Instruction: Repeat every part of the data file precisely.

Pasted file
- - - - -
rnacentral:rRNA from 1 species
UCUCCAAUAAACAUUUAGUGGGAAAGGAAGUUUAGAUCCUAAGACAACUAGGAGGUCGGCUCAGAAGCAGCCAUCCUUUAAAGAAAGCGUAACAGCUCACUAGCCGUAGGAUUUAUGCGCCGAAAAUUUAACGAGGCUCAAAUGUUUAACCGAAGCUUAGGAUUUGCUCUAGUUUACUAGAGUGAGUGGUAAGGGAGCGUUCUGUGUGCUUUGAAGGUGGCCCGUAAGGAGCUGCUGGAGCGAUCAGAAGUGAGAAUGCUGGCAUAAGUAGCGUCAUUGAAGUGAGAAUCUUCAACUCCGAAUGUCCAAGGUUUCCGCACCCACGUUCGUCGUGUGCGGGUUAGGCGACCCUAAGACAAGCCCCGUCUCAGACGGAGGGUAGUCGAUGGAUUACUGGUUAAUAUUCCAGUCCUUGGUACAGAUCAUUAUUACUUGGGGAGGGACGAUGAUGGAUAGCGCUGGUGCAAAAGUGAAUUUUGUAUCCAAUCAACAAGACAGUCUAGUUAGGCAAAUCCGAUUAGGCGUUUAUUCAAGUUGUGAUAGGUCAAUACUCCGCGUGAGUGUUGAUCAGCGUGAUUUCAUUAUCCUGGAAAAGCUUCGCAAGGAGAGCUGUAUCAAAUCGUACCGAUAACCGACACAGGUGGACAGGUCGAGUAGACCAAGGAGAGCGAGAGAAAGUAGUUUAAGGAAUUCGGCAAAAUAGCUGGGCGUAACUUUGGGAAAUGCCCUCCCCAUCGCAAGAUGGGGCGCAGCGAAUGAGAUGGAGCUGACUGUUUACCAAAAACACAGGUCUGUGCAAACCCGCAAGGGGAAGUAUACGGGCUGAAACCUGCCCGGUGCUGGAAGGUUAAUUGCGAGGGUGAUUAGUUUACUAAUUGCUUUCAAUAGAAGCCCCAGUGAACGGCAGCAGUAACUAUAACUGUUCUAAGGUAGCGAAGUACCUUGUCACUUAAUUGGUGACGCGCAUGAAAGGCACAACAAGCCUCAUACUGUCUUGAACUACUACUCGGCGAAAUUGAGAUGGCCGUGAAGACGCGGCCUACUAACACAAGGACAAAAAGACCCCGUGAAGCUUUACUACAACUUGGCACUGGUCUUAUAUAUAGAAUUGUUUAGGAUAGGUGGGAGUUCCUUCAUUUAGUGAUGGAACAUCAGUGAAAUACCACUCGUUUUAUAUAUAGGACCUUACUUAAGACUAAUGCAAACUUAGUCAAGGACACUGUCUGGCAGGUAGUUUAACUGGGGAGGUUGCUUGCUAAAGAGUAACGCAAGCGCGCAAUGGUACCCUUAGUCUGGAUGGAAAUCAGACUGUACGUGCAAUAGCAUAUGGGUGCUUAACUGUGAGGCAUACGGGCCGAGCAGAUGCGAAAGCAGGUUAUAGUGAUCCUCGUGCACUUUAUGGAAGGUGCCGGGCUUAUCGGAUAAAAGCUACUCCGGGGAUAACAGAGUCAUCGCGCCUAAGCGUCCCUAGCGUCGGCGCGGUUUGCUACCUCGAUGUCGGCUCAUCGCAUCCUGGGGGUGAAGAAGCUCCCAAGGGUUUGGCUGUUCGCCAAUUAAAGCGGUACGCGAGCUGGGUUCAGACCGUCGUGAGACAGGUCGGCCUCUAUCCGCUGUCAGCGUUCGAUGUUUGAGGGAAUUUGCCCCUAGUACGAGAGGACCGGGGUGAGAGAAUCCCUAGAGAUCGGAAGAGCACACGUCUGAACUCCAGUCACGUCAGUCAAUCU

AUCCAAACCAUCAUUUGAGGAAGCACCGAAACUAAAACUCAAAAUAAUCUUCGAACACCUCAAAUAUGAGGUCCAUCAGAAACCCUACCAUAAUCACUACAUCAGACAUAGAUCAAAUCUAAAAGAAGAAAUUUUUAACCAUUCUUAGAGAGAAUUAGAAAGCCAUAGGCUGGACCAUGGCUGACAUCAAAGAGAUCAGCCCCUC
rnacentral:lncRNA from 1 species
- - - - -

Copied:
rnacentral:rRNA from 1 species
UCUCCAAUAAACAUUUAGUGGGAAAGGAAGUUUAGAUCCUAAGACAACUAGGAGGUCGGCUCAGAAGCAGCCAUCCUUUAAAGAAAGCGUAACAGCUCACUAGCCGUAGGAUUUAUGCGCCGAAAAUUUAACGAGGCUCAAAUGUUUAACCGAAGCUUAGGAUUUGCUCUAGUUUACUAGAGUGAGUGGUAAGGGAGCGUUCUGUGUGCUUUGAAGGUGGCCCGUAAGGAGCUGCUGGAGCGAUCAGAAGUGAGAAUGCUGGCAUAAGUAGCGUCAUUGAAGUGAGAAUCUUCAACUCCGAAUGUCCAAGGUUUCCGCACCCACGUUCGUCGUGUGCGGGUUAGGCGACCCUAAGACAAGCCCCGUCUCAGACGGAGGGUAGUCGAUGGAUUACUGGUUAAUAUUCCAGUCCUUGGUACAGAUCAUUAUUACUUGGGGAGGGACGAUGAUGGAUAGCGCUGGUGCAAAAGUGAAUUUUGUAUCCAAUCAACAAGACAGUCUAGUUAGGCAAAUCCGAUUAGGCGUUUAUUCAAGUUGUGAUAGGUCAAUACUCCGCGUGAGUGUUGAUCAGCGUGAUUUCAUUAUCCUGGAAAAGCUUCGCAAGGAGAGCUGUAUCAAAUCGUACCGAUAACCGACACAGGUGGACAGGUCGAGUAGACCAAGGAGAGCGAGAGAAAGUAGUUUAAGGAAUUCGGCAAAAUAGCUGGGCGUAACUUUGGGAAAUGCCCUCCCCAUCGCAAGAUGGGGCGCAGCGAAUGAGAUGGAGCUGACUGUUUACCAAAAACACAGGUCUGUGCAAACCCGCAAGGGGAAGUAUACGGGCUGAAACCUGCCCGGUGCUGGAAGGUUAAUUGCGAGGGUGAUUAGUUUACUAAUUGCUUUCAAUAGAAGCCCCAGUGAACGGCAGCAGUAACUAUAACUGUUCUAAGGUAGCGAAGUACCUUGUCACUUAAUUGGUGACGCGCAUGAAAGGCACAACAAGCCUCAUACUGUCUUGAACUACUACUCGGCGAAAUUGAGAUGGCCGUGAAGACGCGGCCUACUAACACAAGGACAAAAAGACCCCGUGAAGCUUUACUACAACUUGGCACUGGUCUUAUAUAUAGAAUUGUUUAGGAUAGGUGGGAGUUCCUUCAUUUAGUGAUGGAACAUCAGUGAAAUACCACUCGUUUUAUAUAUAGGACCUUACUUAAGACUAAUGCAAACUUAGUCAAGGACACUGUCUGGCAGGUAGUUUAACUGGGGAGGUUGCUUGCUAAAGAGUAACGCAAGCGCGCAAUGGUACCCUUAGUCUGGAUGGAAAUCAGACUGUACGUGCAAUAGCAUAUGGGUGCUUAACUGUGAGGCAUACGGGCCGAGCAGAUGCGAAAGCAGGUUAUAGUGAUCCUCGUGCACUUUAUGGAAGGUGCCGGGCUUAUCGGAUAAAAGCUACUCCGGGGAUAACAGAGUCAUCGCGCCUAAGCGUCCCUAGCGUCGGCGCGGUUUGCUACCUCGAUGUCGGCUCAUCGCAUCCUGGGGGUGAAGAAGCUCCCAAGGGUUUGGCUGUUCGCCAAUUAAAGCGGUACGCGAGCUGGGUUCAGACCGUCGUGAGACAGGUCGGCCUCUAUCCGCUGUCAGCGUUCGAUGUUUGAGGGAAUUUGCCCCUAGUACGAGAGGACCGGGGUGAGAGAAUCCCUAGAGAUCGGAAGAGCACACGUCUGAACUCCAGUCACGUCAGUCAAUCU

AUCCAAACCAUCAUUUGAGGAAGCACCGAAACUAAAACUCAAAAUAAUCUUCGAACACCUCAAAUAUGAGGUCCAUCAGAAACCCUACCAUAAUCACUACAUCAGACAUAGAUCAAAUCUAAAAGAAGAAAUUUUUAACCAUUCUUAGAGAGAAUUAGAAAGCCAUAGGCUGGACCAUGGCUGACAUCAAAGAGAUCAGCCCCUC
rnacentral:lncRNA from 1 species